It seems innocent enough. Spend the day unpacking the last of the moving boxes and putting up pictures, order some takeout Indian food. What could be more ordinary than chicken tikka masala and saag paneer while watching Toy Story 3 with your family?
Then, I wake up in the middle of the night with unbelievable stomach cramps and an embarrassing case of the runs. Toss and turn and moan and wake up husband Pete. Please, could you get me some anti-nausea medicine? Could you get me some lemonade from the fridge? Could you make these cramps go away? After an hour or so, I drift back to sleep.
The next morning, I can’t wake up. Drag myself out of bed at 9 to have a bowl of cereal. Then back to bed, sleep three more hours. Get up mid-afternoon for 45 minutes, then back to bed. It’s hard work being sick.
Finally, Pete takes my temperature. It’s 100 degrees. This may not sound like a big deal, but my body temperature is normally low, about 96.5. So a fever of 100 is actually high for me. Pete looks worried. I’m just about at the nadir right now, the point in the chemo cycle where white blood cells are at their lowest point. The docs say that if I have a temperature of 101 that I should not call them, but go straight to the ER.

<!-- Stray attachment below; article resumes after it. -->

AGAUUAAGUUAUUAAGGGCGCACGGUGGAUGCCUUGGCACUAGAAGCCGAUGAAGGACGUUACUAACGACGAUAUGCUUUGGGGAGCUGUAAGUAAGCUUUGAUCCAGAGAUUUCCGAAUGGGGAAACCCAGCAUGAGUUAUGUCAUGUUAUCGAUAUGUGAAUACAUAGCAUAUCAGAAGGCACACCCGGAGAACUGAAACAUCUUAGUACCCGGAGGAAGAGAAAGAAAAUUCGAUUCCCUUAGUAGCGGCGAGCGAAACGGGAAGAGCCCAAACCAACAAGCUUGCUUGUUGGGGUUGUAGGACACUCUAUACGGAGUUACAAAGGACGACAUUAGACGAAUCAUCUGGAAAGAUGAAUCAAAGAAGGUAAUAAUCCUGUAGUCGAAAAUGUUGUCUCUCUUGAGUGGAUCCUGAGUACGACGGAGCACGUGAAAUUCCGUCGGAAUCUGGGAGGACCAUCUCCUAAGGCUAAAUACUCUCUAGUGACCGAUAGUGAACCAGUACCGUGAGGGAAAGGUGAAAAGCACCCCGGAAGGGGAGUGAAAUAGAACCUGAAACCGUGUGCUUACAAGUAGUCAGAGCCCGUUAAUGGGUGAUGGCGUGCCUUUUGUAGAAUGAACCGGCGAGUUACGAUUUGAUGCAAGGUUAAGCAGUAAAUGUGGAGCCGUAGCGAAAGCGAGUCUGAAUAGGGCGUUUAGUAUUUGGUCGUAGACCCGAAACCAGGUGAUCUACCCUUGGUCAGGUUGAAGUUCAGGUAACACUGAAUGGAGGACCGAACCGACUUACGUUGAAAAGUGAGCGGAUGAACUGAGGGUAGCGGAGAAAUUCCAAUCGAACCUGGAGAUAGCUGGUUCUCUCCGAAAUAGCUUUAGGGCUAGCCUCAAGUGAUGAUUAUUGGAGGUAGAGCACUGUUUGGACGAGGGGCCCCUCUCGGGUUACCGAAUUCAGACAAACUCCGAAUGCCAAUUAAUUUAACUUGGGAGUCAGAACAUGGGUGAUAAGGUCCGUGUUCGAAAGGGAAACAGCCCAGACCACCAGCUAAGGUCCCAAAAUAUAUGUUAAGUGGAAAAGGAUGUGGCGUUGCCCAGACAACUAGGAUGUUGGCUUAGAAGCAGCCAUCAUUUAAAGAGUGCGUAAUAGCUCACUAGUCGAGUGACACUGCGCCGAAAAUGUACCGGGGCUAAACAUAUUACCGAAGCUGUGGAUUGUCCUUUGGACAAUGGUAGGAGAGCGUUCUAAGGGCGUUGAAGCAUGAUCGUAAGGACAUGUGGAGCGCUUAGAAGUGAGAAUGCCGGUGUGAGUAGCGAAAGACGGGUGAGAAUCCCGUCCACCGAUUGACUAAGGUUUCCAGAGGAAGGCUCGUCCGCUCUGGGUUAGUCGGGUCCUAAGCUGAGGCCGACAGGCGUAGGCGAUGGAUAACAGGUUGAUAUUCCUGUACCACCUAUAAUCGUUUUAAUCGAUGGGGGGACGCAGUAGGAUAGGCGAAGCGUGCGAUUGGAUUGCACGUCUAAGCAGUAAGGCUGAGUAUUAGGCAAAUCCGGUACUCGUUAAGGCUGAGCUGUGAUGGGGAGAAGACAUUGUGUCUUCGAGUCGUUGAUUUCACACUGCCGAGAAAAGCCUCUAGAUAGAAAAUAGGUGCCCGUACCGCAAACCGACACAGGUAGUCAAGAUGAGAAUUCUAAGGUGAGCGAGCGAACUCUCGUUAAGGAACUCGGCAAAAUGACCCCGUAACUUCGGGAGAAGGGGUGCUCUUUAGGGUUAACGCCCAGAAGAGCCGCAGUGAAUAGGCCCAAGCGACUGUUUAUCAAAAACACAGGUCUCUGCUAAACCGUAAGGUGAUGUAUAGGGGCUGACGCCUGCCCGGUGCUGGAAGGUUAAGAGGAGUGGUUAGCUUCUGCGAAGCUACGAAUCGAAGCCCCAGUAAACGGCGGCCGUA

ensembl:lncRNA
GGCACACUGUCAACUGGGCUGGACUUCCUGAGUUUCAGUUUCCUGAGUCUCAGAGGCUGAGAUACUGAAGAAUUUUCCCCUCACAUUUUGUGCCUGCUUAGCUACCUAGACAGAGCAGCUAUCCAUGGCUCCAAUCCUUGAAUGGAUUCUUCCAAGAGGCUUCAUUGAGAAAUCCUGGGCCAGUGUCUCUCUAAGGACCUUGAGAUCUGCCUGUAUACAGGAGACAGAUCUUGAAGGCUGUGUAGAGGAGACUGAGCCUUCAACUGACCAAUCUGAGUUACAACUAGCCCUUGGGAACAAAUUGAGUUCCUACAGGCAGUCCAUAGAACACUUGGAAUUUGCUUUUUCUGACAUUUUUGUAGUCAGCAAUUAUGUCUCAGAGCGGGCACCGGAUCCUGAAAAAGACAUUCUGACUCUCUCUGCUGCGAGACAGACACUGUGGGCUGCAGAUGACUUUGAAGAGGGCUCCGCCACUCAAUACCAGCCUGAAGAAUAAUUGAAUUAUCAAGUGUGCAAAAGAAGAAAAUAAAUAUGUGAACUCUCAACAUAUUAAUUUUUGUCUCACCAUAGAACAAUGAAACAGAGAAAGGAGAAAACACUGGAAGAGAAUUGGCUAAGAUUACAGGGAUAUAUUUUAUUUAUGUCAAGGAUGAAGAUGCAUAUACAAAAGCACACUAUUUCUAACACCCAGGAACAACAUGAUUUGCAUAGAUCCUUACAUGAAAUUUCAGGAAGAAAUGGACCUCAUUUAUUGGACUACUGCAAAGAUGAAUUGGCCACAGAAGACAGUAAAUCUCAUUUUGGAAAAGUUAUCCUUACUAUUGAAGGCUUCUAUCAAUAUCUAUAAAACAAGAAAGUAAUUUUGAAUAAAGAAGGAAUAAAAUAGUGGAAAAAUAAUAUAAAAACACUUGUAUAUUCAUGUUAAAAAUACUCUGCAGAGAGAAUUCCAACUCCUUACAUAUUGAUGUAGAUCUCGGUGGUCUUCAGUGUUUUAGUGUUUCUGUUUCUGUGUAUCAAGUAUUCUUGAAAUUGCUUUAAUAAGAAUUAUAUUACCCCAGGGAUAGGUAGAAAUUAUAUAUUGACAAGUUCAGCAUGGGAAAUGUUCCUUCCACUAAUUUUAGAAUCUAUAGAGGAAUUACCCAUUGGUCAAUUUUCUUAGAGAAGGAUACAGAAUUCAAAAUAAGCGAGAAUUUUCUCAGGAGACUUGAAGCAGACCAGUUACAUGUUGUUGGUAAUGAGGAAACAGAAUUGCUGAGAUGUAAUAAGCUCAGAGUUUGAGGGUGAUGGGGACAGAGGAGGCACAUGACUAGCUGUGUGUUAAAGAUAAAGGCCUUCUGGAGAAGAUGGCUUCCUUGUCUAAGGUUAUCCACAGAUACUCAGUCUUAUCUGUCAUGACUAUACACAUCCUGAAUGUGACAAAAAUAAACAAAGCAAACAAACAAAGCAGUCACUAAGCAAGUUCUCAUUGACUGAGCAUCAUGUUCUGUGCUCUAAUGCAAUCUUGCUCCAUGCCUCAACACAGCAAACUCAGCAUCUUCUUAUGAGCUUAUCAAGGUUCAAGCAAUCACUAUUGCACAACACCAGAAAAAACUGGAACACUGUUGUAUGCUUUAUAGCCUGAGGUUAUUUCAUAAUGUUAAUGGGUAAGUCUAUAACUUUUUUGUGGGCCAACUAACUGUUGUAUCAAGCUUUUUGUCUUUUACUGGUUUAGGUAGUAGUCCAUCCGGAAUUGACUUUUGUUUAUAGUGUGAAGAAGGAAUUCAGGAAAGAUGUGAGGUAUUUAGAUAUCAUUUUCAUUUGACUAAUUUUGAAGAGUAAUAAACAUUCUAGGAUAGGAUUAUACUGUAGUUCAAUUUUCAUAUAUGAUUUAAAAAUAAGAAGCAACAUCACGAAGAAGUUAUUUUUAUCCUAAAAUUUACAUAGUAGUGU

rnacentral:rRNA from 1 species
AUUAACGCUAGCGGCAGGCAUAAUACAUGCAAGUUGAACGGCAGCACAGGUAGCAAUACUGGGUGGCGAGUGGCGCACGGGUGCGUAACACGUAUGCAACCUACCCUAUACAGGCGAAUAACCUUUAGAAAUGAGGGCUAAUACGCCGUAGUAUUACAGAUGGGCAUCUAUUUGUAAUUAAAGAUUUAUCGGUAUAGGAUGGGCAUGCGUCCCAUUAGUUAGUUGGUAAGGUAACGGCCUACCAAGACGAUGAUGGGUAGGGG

Pete starts to research ERs in San Francisco. We know we should stay in the UCSF system, but we’re hoping we don’t have to go to the ER at Moffitt-Long, the giant central hospital in the sprawling UCSF system (so big it requires its own bus system with five or six routes). We have intimate experience with the Moffitt-Long ER, both as patients and as relatives of patients. While the medicine practiced at Moffitt-Long is top-notch, the ER there is always full to bursting and totally insane. Please God, UC has to have some other ER. Pete hovers for half an hour, researching this point and discovering that, no Virginia, there is no other UCSF ER but the Moffitt-Long ER. Drat.
He takes my temperature again, still 100. He starts taking my temperature every 30 minutes: 100, 99.5, 98.9, 99.6, then 99. Our daughter Erin, who knows about the 101 Rule, starts hovering by my bed, looking concerned. I worry about worrying her, but feel too sick to do much about it. Finally, I drift off to sleep. I don’t know it at the time, but Pete sets his watch to wake him up every few hours and check on me.
This morning, I wake up feeling pretty normal. The fever is gone. Over cereal, Pete and I decide that it must have been a touch of food poisoning from the Indian food. What could be more ordinary? And yet, Pete looks at me as if I’ve just come back from the dead. “That was scary,” he says, sipping his coffee.
In cancer, it seems, nothing is ordinary.